South Korea's Jeju island, a hot place for Chinese vacationers

Park Sae-jin Reporter Posted : 2016-05-20 19:16 Updated : 2016-05-21 12:23
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China's publicity chief Liu Qibao (right) and Aju News Corporation CEO Kwak Young-kil (middle) are walking side by side before attending a photo exhibition "Beutiful China, Beutiful Korea'  [Aju News Photo]

The governor of South Korea's Jeju province vowed Friday to develop the southernmost resort island as Asia's most prominent tourist destination that would accommodate more Chinese tourists.

Jeju is already a hot place for vacationers from across the Yellow Sea, and Chinese investors are involved in a number of commercial and construction projects. Provincial government officials regard Chinese money as a crucial source of revenue.

The island receives more than two million Chinese visitors annually. But Jeju Governor Won Hee-ryong was not complacent, saying he would step up efforts to attract more Chinese visitors.

"We will develop Jeju as Asia's best hub for tourism and exchanges," he said Friday after attending a ceremony to open a joint exhibition featuring Chinese and South Korean photo artists.  "Jeju is the epicenter of bilateral exchanges between South Korea and China." 

The exhibition titled "Beautiful China, Beautiful Korea" was held to promote cultural exchanges between South Korea and China. China's publicity chief Liu Qibao led a delegation to the exhibition as part of his four-day visit to South Korea.

On Saturday, Liu will drop in Seobok (Xu Fu) Park in Seogwipo, a place frequented by Chinese tourists because of a folk tale that it has miraculous virtues for those seeking promotion. Residents in Jeju say that Xu Fu, a court sorcerer during China's ancient Qin Dynasty, visited the island to look for the elixir of life.

The park has become one of the most want-to-visit places sought by Chinese officials since Chinese President Xi Jinping got promoted after praying there. Before flying to Seoul on Saturday, Liu is to inspect the sites for construction with Chinese investments.

Government data showed the number of Chinese visitors to Jeju has increased from 115,000 in 2005 to 2.237 million in 2015, bringing wealth and jobs to the island.

The stunning increase represents improved Sino-Korean relations which were normalized in 1992. Only over a period of two decades, the two countries have seen tremendous growth in trade, cultural, political and other exchanges.

China’s publicity chief Liu Qibao (right), Governor of Jeju Province Won Heer-yong (second from right), Aju News Corporation CEO Kwak Young-kil (left), and President of Korea Tourism Organization Jung Chang-soo are browsing through photo exhibition “Beautiful China, Beautiful Korea” held at Peace center Jeju[Photo by Kim Se-goo]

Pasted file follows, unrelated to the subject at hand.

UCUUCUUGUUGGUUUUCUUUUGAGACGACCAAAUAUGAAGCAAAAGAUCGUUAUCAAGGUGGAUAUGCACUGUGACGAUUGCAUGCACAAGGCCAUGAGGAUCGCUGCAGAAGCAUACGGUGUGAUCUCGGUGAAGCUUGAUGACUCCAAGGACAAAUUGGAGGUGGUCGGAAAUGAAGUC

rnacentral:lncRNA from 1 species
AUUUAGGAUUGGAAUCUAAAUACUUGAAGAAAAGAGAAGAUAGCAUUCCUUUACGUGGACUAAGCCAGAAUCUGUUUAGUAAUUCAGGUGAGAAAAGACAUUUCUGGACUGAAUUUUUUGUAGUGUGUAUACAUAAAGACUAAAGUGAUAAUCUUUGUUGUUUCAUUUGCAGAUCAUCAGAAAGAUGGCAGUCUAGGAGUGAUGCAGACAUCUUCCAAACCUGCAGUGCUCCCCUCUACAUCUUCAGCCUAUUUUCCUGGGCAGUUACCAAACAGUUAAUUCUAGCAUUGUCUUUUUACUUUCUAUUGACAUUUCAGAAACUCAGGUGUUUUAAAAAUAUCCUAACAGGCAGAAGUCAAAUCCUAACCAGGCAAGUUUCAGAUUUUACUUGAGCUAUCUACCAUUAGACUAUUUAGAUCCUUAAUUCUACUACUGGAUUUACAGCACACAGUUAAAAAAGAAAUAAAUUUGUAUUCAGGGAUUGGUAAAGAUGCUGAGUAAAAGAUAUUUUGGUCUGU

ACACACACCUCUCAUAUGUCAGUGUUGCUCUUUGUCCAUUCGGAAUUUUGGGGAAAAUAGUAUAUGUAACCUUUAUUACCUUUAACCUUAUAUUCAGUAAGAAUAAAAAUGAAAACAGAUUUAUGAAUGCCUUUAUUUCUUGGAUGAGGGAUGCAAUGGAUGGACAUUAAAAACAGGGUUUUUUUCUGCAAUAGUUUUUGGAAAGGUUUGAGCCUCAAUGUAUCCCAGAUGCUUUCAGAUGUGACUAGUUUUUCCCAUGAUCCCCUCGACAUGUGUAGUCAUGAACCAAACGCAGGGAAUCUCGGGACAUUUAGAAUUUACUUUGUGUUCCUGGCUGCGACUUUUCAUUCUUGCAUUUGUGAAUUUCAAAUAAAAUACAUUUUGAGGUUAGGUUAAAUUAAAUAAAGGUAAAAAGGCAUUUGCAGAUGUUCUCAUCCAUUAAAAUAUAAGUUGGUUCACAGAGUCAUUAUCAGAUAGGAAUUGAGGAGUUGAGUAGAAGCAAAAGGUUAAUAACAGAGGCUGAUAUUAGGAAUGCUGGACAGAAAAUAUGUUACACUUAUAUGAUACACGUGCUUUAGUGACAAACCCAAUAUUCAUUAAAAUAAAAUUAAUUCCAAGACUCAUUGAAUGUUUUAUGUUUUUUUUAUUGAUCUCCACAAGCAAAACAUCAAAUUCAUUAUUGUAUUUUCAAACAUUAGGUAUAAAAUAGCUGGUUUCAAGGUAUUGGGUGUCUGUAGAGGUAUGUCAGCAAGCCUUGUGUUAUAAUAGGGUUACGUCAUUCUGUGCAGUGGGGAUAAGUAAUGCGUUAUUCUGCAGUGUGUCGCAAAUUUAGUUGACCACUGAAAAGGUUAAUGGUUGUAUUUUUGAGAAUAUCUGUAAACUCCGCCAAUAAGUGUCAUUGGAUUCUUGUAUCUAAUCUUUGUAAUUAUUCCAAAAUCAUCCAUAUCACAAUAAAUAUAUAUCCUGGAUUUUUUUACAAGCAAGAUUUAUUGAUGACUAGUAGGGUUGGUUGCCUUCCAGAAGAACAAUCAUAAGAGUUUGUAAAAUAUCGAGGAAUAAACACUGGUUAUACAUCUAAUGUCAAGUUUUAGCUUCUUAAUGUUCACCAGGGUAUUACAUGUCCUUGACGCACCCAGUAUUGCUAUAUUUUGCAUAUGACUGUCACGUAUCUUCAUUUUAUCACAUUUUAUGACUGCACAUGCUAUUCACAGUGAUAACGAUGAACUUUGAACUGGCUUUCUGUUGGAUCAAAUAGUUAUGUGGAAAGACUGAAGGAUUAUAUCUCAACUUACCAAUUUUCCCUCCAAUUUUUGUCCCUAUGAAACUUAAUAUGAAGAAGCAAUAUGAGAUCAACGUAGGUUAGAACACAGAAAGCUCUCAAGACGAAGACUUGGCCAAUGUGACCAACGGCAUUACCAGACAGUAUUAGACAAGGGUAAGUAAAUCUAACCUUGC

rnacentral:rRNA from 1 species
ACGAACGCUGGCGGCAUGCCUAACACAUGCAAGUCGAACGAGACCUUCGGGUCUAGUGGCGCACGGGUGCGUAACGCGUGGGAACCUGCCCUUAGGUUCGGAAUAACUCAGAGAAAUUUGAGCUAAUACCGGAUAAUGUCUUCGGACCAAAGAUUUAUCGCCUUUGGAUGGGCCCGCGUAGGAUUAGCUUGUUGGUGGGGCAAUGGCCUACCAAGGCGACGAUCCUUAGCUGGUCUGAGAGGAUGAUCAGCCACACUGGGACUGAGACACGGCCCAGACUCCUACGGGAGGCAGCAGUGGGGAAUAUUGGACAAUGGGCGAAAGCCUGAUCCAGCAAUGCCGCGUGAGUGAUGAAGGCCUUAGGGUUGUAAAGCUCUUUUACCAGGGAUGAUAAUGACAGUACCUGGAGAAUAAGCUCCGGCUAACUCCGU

Helped by Beijing's eased restrictions on overseas travel, Jeju has emerged as a perfect place for a vacation by Chinese tourists because of its geographical proximity and a special visa-free program that would allow them to stay freely for up to 30 days. Another crucial and probably more important factor is the growing popularity of Korean pop songs, movies and TV dramas in China.

Residents in Jeju said a rising flow of Chinese visitors into the island has contributed much to the region's economic growth and brought a broad change to their daily life and economic activities.

"I think Chinese tourists have become an important part of our life and economy," a 29-year old Jeju native working at Jeju International Airport told Aju News on condition of anonymity.

A report by the Honam Regional Statistics Office which piled Jeju-related data showed that the rate of Jeju's gross regional domestic product, measuring individual output in accommodation and food service sectors, soared by 57 percent from 15.23 million won (12,962 US dollars) in 2005 to 23.91 million won in 2014. The increasing rate was higher than a national average of 54 percent, indicating Jeju has benefited much from Chinese money.

"The money spent by the Chinese tourists here is a big boost to our regional economy especially in tourism-related businesses," the Jeju native said. "Chinese tourists are very keen on buying local-made products, triggering a butterfly effect that leads to bigger sales of overall South Korean products abroad."

Jeju has also seen a surge in Chinese investment in condominiums, hotels and other properties, and the wave of Chinese visitors and investment in Jeju reflects growing economic links between the two countries. China is now South Korea’s biggest trading partner.

Data compiled by the state-run Korea Tourism Organization showed Chinese travelers accounted for 45.2 percent of 13.23 million foreigners who visited South Korea last year, followed by the Japanese with 13.9 percent.

South Korea received 5.98 million Chinese visitors, down 2.3 percent from a year ago, in 2015 when its tourism industry was hit hard by the Middle East Respiratory Syndrome (MERS) outbreak which killed 38 people, leading to a 6.8 percent decline in the number of total foreign visitors. It was the first decline since 2003.

Tourism officials, however, say the decline is temporary, and a poll released by the Korea Culture and Tourism Institute in January found that most industry players were upbeat on this year's business outlook. South Korea is still seen by Chinese tourists as a favored destination, despite complaints among them about a language barrier, high prices, and the lack of tourism-related infrastructures such as food and accommodations, and the bureaucratic red tape.

Aju News Park Sae-jin